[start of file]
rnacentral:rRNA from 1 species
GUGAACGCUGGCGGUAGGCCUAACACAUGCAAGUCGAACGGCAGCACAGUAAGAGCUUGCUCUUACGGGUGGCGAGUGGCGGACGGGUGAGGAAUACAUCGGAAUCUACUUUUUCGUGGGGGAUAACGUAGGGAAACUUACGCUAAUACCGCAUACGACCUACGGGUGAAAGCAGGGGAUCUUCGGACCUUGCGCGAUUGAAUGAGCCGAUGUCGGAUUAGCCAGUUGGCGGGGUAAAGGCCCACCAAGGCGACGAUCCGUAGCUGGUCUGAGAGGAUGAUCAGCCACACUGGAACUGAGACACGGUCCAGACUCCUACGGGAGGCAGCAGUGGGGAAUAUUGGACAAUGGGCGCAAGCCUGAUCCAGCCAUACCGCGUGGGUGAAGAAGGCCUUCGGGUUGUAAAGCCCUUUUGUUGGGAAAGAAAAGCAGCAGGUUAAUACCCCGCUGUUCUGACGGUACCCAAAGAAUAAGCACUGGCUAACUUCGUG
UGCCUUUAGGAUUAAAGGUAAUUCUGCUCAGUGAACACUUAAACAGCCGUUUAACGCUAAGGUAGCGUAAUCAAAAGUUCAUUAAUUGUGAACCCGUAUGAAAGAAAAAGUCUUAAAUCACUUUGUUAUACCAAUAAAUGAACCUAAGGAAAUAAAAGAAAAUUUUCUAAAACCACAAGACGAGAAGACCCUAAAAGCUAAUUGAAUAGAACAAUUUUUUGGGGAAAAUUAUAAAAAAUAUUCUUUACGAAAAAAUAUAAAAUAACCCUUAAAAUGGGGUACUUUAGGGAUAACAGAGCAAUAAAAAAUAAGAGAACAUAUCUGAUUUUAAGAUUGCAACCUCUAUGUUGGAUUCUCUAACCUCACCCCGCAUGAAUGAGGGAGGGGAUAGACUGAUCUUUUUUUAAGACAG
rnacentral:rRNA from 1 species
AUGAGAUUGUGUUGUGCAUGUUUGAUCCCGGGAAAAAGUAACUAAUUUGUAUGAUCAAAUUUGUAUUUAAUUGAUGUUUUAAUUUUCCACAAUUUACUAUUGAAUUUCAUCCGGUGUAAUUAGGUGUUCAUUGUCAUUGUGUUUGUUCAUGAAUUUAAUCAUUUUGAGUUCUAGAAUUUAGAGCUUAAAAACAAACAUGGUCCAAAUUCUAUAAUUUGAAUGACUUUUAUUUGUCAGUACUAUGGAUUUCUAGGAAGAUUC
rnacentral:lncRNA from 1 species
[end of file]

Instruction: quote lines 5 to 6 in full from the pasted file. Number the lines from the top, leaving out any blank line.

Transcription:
AUGAGAUUGUGUUGUGCAUGUUUGAUCCCGGGAAAAAGUAACUAAUUUGUAUGAUCAAAUUUGUAUUUAAUUGAUGUUUUAAUUUUCCACAAUUUACUAUUGAAUUUCAUCCGGUGUAAUUAGGUGUUCAUUGUCAUUGUGUUUGUUCAUGAAUUUAAUCAUUUUGAGUUCUAGAAUUUAGAGCUUAAAAACAAACAUGGUCCAAAUUCUAUAAUUUGAAUGACUUUUAUUUGUCAGUACUAUGGAUUUCUAGGAAGAUUC
rnacentral:lncRNA from 1 species